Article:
Following approval by the Arizona House on Thursday, the legislature as a whole passed SB1165, a bill preventing transgender athletes from competing against those of the opposite gender. If the governor signs the legislation into law, it will impact transgender girls and women; males have biological differences to females that give them advantages in sports, and there are many more boys and men competing in girls and women’s sports. However, the legislation doesn’t address women who take testosterone as part of their hormone therapies, which may give them an advantage over their non-doping peers — a concern posed in the case of transgender wrestler Mack Beggs.
State Representative John Kavanagh (R-Fountain Hills) pushed back against arguments against the bill, namely those that claimed individuals would be banned from competing in any sports entirely, or that sports aren’t really about competition but inclusion. Kavanagh cited the recent incident in which the NCAA awarded William Thomas, who goes by the name Lia Thomas and claims to be a woman, the gold medal in one race within their national D1 collegiate swim competition. The state representative argued that the years of hard work, sacrifice, and dedication committed by the women were for naught in the face of Thomas’ robbery.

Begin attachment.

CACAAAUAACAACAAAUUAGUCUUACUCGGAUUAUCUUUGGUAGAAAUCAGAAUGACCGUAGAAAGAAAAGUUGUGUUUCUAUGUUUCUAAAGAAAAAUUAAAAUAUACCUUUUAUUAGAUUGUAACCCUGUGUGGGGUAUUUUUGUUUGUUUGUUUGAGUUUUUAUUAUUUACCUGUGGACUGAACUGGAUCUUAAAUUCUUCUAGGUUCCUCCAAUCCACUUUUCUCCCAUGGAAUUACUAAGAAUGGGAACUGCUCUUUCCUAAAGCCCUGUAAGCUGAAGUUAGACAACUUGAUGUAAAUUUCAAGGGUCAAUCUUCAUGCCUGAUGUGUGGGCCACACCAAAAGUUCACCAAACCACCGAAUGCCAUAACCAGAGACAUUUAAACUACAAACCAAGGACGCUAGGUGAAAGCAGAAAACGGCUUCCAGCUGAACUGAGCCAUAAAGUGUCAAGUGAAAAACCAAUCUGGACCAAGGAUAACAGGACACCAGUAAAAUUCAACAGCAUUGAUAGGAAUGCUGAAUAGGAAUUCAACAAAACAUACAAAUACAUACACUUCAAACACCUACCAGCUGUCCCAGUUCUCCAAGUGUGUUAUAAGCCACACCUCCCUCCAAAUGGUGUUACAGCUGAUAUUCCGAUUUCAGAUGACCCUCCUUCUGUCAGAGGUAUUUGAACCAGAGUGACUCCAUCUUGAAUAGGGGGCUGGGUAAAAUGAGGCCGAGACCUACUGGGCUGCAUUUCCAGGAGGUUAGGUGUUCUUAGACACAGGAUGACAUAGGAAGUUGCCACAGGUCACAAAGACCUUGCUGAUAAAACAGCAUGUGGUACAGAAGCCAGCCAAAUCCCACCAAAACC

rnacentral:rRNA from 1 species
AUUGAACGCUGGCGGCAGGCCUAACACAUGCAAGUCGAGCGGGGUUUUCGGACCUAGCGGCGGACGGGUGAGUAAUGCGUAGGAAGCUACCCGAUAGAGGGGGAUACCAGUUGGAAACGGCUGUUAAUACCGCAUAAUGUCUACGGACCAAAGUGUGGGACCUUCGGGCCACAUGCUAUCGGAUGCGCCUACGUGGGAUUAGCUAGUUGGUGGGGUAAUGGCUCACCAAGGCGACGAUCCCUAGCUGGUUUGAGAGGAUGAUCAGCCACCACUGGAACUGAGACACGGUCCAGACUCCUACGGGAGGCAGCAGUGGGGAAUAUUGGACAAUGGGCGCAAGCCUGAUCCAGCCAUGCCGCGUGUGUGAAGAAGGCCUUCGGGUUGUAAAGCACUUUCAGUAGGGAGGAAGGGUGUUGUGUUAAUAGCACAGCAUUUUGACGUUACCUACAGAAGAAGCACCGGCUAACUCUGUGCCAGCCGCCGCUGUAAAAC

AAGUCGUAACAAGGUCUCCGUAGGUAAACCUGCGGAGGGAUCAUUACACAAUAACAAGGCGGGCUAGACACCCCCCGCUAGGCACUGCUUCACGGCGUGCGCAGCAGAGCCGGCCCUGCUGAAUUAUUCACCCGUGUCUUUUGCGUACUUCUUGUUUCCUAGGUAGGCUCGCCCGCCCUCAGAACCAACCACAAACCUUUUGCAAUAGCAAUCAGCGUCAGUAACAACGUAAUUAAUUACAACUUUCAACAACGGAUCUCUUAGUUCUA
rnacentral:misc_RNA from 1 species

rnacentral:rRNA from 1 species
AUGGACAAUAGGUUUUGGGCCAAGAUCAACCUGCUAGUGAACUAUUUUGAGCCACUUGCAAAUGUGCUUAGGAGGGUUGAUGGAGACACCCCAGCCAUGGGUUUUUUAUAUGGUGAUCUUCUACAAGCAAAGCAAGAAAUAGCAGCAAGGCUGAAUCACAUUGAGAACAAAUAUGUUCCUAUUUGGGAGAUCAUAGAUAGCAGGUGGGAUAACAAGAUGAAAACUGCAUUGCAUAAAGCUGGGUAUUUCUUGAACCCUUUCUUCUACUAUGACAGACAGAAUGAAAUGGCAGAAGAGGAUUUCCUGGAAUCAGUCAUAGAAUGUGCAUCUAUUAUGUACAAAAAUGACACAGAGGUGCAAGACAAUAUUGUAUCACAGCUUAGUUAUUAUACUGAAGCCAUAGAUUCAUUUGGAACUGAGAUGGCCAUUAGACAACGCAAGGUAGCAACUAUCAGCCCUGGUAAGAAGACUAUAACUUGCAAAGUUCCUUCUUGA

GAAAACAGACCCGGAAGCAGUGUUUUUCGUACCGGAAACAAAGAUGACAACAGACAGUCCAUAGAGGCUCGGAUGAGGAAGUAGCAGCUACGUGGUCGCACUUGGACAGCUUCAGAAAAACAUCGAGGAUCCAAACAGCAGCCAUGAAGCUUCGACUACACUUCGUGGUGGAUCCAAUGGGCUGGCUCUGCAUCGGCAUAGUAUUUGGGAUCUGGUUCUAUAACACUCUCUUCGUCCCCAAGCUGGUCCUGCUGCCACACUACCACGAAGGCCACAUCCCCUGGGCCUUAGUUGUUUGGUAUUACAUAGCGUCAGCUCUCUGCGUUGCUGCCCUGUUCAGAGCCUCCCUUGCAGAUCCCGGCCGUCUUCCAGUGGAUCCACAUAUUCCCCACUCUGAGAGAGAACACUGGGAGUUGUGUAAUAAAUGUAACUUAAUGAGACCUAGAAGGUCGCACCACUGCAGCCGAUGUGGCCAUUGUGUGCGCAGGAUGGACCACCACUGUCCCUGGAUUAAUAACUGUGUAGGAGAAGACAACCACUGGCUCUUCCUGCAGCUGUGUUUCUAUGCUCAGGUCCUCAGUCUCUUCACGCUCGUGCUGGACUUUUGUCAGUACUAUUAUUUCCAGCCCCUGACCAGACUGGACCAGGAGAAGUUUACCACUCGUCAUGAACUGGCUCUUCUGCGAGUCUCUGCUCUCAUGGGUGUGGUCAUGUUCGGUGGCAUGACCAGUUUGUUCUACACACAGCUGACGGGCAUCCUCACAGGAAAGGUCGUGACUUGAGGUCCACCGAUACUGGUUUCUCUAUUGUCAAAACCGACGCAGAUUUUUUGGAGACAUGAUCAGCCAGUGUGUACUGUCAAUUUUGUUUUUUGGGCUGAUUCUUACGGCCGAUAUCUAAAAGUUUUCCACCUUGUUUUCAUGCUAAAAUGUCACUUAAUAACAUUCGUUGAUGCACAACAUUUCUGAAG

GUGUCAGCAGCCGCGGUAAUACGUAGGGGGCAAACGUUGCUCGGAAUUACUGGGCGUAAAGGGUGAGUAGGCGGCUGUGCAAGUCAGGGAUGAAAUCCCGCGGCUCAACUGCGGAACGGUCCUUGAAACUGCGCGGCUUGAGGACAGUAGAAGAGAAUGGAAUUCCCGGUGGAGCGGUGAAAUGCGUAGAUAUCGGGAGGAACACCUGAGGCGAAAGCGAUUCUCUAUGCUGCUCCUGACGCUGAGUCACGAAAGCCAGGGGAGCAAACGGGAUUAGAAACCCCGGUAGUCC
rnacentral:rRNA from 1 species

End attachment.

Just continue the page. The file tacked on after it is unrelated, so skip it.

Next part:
“This bill allows everybody to participate in sports. It simply says that you have to go on the team that aligns with your biological gender because quite frankly, puberty conveys significant physical advantages on males. And I think it’s very unfair to make biological female athletes compete at that disadvantage. And it recently came to light in the NCAA swimming area. I think that those biological females have been cheated and robbed of a lifetime of effort,” said Kavanagh. “Clearly, there are many good things that come out of school sports besides competition. It’s fun, there’s physical fitness, there’s health. But competition is one of the major things about school sports, and anybody that doubts that might ask themselves, ‘Why are they keeping score?’ if that’s not the case.”